- Prohibits employers from discriminating by supplying “less favorable employment opportunities” according to gender identity or sex. Underneath the Act, a company might not:
- Assign or direct an worker right into a less favorable career track, if career tracks can be found
- Neglect to provide details about promotions or advancement within the full-range of career tracks that the employer offers or
- Limit or deny an worker of possibilities that will well be available as well as the employee’s sex or gender identity.
The Act also expands the exceptions that may take into account variations in wages. Current law provides when a pay disparity exists due to a seniority system, a merit increase system, shift differentials, or jobs that need different skills and/or abilities, that disparity might not constitute a breach from the law. The Act adds the next exceptions:
- a method that measures performance according to quality or volume of production, or
- a genuine factor apart from sex or gender identity, including education, training, or experience, so long as the factor isn’t:
- according to or produced from a gender-based differential in compensation,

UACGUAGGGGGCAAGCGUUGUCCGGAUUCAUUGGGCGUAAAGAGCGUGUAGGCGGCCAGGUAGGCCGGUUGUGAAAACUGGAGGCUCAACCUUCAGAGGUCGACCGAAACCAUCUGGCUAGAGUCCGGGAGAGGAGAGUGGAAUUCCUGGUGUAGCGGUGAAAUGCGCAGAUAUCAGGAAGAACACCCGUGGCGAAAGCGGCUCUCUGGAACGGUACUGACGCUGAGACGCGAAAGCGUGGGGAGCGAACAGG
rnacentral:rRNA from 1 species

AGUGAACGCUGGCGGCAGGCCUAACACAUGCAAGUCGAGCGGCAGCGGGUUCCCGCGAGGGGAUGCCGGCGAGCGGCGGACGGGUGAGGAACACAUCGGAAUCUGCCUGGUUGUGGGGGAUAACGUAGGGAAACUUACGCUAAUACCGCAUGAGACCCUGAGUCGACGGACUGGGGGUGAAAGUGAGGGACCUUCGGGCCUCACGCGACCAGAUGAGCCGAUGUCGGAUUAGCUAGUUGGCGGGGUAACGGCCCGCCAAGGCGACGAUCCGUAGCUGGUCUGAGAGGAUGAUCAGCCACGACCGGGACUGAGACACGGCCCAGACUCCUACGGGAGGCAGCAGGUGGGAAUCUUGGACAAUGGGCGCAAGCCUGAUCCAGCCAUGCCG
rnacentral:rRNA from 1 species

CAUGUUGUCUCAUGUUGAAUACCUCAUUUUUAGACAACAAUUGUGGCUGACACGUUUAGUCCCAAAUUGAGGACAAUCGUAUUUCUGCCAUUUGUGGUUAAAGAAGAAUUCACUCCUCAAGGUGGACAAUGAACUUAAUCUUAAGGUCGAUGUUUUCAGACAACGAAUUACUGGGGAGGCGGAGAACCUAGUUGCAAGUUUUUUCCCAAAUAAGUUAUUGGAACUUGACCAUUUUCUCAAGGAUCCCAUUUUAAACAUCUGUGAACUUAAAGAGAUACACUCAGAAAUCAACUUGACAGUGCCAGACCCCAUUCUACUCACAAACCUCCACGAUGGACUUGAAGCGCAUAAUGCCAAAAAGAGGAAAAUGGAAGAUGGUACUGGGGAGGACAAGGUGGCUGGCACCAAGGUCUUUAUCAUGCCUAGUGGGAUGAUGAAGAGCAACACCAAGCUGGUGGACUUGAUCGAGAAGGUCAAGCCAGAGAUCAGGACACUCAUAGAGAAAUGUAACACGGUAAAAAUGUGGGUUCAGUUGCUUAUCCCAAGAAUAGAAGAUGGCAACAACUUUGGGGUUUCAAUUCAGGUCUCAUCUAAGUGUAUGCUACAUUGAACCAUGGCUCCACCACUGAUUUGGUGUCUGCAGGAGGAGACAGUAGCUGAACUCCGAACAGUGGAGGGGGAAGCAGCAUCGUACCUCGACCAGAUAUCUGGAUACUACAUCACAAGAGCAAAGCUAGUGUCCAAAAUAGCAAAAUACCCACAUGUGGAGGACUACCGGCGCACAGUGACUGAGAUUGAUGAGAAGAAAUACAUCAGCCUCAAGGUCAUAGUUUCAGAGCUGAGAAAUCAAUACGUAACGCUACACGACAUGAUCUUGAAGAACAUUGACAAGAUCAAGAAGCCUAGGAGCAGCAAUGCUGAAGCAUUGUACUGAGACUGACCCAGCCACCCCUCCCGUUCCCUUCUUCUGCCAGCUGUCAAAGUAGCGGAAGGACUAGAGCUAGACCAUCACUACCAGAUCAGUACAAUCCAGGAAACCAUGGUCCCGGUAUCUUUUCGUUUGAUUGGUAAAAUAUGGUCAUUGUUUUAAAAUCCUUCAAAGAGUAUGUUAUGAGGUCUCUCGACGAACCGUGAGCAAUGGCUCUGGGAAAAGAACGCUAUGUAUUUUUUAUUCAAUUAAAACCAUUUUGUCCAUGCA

- is job-related with regards to the positions and in line with business necessity, and
- the factor accounts for the whole differential in pay.
New Pay Transparency Protections
If decisions through the National Labor Relations Board haven’t convinced Maryland employers that employees’ discussions about wages constitute protected activity, the Act removes question. The Act is broader compared to NLRA since it protects all employees, not only individuals employees who’re supervisors as based on the NLRA. Similarly, federal contractors must adhere to the Pay Transparency Order, that was effective on The month of january 11, 2016. Such as the Act, the Pay Transparency Order protects all employees.
The Act causes it to be illegal to have an employer to:
- stop an worker from asking about, discussing, or disclosing their wages, or even the wages of some other worker,
- stop an worker from asking the business to supply a reason behind why their wages are positioned in a certain rate or salary,
- require an worker to sign a waiver or any other document that denies the worker the authority to disclose or discuss their wages (clearly this encompasses employers’ policies and handbooks), or
- take a bad action against an worker for:
- asking about another employee’s wages,
disclosing the employee’s own wages,
discussing another employees’ wages if individuals wages happen to be disclosed under your own accord,
asking a company to supply a reason behind the employee’s wages, or